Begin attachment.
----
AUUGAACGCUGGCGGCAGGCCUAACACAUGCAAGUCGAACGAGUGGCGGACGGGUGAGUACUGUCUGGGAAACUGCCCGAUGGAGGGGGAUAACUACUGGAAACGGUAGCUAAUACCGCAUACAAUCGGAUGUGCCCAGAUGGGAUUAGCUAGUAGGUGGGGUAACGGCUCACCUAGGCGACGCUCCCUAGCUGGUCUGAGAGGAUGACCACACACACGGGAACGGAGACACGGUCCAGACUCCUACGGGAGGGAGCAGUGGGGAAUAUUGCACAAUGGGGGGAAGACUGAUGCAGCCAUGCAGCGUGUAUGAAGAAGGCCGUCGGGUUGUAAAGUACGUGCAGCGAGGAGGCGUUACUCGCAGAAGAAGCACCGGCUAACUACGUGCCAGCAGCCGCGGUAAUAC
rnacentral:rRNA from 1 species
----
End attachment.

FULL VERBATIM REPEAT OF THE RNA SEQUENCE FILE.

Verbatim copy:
AUUGAACGCUGGCGGCAGGCCUAACACAUGCAAGUCGAACGAGUGGCGGACGGGUGAGUACUGUCUGGGAAACUGCCCGAUGGAGGGGGAUAACUACUGGAAACGGUAGCUAAUACCGCAUACAAUCGGAUGUGCCCAGAUGGGAUUAGCUAGUAGGUGGGGUAACGGCUCACCUAGGCGACGCUCCCUAGCUGGUCUGAGAGGAUGACCACACACACGGGAACGGAGACACGGUCCAGACUCCUACGGGAGGGAGCAGUGGGGAAUAUUGCACAAUGGGGGGAAGACUGAUGCAGCCAUGCAGCGUGUAUGAAGAAGGCCGUCGGGUUGUAAAGUACGUGCAGCGAGGAGGCGUUACUCGCAGAAGAAGCACCGGCUAACUACGUGCCAGCAGCCGCGGUAAUAC
rnacentral:rRNA from 1 species